Ten ways to cut the cost of your commute

Emma Woollacott
Typical scene during rush hour. A traffic jam with rows of cars.  Shallow depth of field.
Typical scene during rush hour. A traffic jam with rows of cars. Shallow depth of field.

With property prices rocketing, particularly in London and the South East, people are finding themselves living further and further from their place of work.

There are advantages to this - research this summer revealed that moving an hour out of London can cut the cost of buying a property by an average of £380,000. But the cost of commuting can itself be pretty significant. Last year, consultancy firm Hay Group worked out that commuters in London and Birmingham were spending as much as a quarter of their salary just getting to and from work.

And things certainly aren't getting any better. While chancellor George Osborne announced last month that January's rise in rail fares would be capped at 2.5%, this is still outpacing peoples' pay.

Meanwhile, although the cost of petrol has fallen recently, parking costs are soaring - London is now the most expensive city in the world in this regard, with some central London car parks charging as much as £75 per day.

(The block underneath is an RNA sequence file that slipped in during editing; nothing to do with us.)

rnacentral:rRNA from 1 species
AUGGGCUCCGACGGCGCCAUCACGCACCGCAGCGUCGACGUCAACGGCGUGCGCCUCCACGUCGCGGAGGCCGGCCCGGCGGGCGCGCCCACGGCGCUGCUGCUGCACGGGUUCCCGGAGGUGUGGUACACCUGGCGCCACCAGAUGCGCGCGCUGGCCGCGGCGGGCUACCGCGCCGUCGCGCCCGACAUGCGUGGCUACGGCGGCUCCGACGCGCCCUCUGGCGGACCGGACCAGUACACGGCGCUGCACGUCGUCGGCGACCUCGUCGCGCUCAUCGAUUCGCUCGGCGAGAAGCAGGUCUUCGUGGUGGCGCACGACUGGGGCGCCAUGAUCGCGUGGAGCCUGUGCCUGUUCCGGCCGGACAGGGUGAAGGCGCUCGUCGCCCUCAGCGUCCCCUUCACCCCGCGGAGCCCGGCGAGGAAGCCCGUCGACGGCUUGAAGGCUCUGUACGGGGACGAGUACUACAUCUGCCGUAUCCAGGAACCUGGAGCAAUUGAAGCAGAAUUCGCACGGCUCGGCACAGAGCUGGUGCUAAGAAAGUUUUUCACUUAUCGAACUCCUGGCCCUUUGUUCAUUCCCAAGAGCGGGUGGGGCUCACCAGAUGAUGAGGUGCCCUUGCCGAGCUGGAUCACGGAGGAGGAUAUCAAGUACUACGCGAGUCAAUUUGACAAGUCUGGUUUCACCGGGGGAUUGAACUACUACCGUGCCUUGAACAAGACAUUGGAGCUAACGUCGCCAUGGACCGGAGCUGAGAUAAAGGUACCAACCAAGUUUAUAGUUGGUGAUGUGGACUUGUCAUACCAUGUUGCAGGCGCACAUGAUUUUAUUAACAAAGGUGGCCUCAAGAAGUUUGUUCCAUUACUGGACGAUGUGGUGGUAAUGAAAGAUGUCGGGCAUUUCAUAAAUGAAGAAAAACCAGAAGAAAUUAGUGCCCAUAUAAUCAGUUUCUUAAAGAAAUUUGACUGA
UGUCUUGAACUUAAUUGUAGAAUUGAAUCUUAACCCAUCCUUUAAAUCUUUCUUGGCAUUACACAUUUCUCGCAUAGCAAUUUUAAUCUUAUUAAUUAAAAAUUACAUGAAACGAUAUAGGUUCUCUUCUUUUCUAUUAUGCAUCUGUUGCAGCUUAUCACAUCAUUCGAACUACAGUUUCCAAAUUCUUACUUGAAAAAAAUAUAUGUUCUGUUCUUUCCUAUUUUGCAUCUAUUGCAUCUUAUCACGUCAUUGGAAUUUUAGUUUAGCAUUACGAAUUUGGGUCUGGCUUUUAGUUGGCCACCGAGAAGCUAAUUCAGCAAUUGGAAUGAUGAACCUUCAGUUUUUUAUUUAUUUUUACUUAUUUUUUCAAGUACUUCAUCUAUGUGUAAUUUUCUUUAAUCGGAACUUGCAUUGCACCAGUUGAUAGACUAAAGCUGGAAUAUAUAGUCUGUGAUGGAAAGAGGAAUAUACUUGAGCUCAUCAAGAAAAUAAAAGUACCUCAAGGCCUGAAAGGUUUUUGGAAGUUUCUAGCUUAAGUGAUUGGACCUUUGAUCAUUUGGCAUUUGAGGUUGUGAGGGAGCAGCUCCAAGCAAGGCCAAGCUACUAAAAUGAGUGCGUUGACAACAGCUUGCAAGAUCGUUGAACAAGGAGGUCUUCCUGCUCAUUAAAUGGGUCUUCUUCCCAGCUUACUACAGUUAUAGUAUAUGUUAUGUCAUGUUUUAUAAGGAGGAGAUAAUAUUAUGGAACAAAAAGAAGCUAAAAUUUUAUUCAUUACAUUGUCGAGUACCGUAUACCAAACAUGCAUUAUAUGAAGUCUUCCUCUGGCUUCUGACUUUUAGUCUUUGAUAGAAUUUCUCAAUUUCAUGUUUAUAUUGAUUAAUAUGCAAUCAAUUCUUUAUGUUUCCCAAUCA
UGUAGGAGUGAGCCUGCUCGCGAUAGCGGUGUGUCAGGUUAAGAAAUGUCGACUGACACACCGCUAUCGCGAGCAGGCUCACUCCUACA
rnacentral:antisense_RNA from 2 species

But there are ways to shave a few pennies from the cost of your journey - we look at a few tips for a canny commute.

Get a season ticket...

Getting a rail season ticket not only costs less, it protects you from fare increases as long as it's valid. Fares usually change at the beginning of the year, although there may be changes at other times too. National Rail has a calculator, here, that will show you how much you could save.

As you'd expect, the savings are biggest when buying an annual ticket, which essentially offers 52 weeks' travel for the price of 40. However, this may mean forking out several thousands of pounds - for most people, easier said than done. However, many employers are willing to offer interest-free season ticket loans to staff, which can represent a saving of hundreds of pounds.

...or two

Word has finally trickled out about the merits of split ticketing: buying separate tickets for different parts of your journey. For example, instead of buying a ticket from A to C, you may find that it's cheaper to buy two tickets, one from A to B and the other from B to C. You can still get the same train, and don't need to break your journey at B: all that's necessary is for the train to stop at B.

You can find out whether you can save money by splitting your season ticket this way through a bit of trial and error. Make a note of every station at which your regular train stops and, using the season ticket calculator above, check out each one as a possible "break point".

Take two wheels

The merits of cycling around town are obvious - it's often much faster, as well as effectively free. If you're commuting into the city from 100 miles away, it might not seem like the most obvious suggestion - but if, for example, you're using your car to get to the railway station, you can at least eliminate those petrol and parking costs. Many employers take part in the Cyclescheme, lending you the money to buy a bike and deducting it from your pre-tax salary - so you save at least a fifth of the cost.